Neuroscience: A Journey Through the Brain

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The Major Systems: Motor and Sensory

Systems Home    Motor Systems    Sensory Systems

With a basic understanding of neural principles, it is possible to understand how the human brain can detect and process all types of signals from the environment. The taste of an orange, the smell of a rose, the soft feel of cotton, and the beauty of art are all constructs of our brain. For people to consciously perceive any environmental stimuli, hundreds of concurrent and parallel processes need to occur in the brain, involving many different structures and pathways. The Sensory Systems section attempts to give an overview of the main points important for understanding the different types of sensations we have.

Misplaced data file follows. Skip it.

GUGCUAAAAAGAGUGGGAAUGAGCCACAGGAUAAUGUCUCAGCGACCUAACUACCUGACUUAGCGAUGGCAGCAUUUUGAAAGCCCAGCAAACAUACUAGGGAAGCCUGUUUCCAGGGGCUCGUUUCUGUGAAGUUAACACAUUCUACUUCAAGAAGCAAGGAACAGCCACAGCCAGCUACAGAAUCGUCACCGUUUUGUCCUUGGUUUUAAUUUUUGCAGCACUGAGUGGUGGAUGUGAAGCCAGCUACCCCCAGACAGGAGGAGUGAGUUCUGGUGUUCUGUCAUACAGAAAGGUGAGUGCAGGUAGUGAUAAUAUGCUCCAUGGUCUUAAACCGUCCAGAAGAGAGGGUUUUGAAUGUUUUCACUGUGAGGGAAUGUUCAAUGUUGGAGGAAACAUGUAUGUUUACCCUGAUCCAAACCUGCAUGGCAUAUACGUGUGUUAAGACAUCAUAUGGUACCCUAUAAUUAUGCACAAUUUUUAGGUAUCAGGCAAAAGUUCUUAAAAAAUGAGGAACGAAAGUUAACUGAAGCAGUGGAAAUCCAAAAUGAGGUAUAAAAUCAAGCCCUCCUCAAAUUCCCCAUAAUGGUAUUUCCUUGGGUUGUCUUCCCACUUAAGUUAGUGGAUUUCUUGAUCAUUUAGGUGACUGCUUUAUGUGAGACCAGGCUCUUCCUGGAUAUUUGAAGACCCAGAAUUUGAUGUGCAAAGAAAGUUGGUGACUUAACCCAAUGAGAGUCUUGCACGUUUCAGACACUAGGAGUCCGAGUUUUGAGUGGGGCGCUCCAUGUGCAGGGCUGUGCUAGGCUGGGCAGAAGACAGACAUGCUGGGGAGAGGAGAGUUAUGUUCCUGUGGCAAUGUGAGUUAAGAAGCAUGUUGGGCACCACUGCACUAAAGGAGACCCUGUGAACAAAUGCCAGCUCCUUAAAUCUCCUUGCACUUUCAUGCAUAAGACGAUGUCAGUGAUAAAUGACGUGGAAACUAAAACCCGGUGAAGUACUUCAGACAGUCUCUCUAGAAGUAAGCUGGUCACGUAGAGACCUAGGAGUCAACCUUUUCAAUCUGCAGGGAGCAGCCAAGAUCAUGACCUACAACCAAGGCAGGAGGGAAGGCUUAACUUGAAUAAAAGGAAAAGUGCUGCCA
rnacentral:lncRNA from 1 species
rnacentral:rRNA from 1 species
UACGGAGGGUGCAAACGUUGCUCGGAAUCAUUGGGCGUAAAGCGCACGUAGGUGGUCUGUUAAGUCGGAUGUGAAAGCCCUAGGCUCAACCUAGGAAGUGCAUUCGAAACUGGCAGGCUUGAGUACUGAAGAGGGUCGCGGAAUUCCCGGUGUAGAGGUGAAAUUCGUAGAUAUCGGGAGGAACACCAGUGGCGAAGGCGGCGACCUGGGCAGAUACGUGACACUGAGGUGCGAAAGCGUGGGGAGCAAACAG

Once we understand how our brain processes input signals, we can then turn to a study of our the brain controls the body's motor reaction to stimuli. Turning your head to hear a loud noise or to see a bright light, removing your hand from a hot burner or moving if you see danger approaching are all processes mediated by the motor systems controlled by the brain. The Motor Systems sections gives an overview of the main structures involved in motor control and the pathways along which motor information in carried in the brain.

Created and Maintained by: Melissa Davies
Last Updated: April 09, 2002 09:02 PM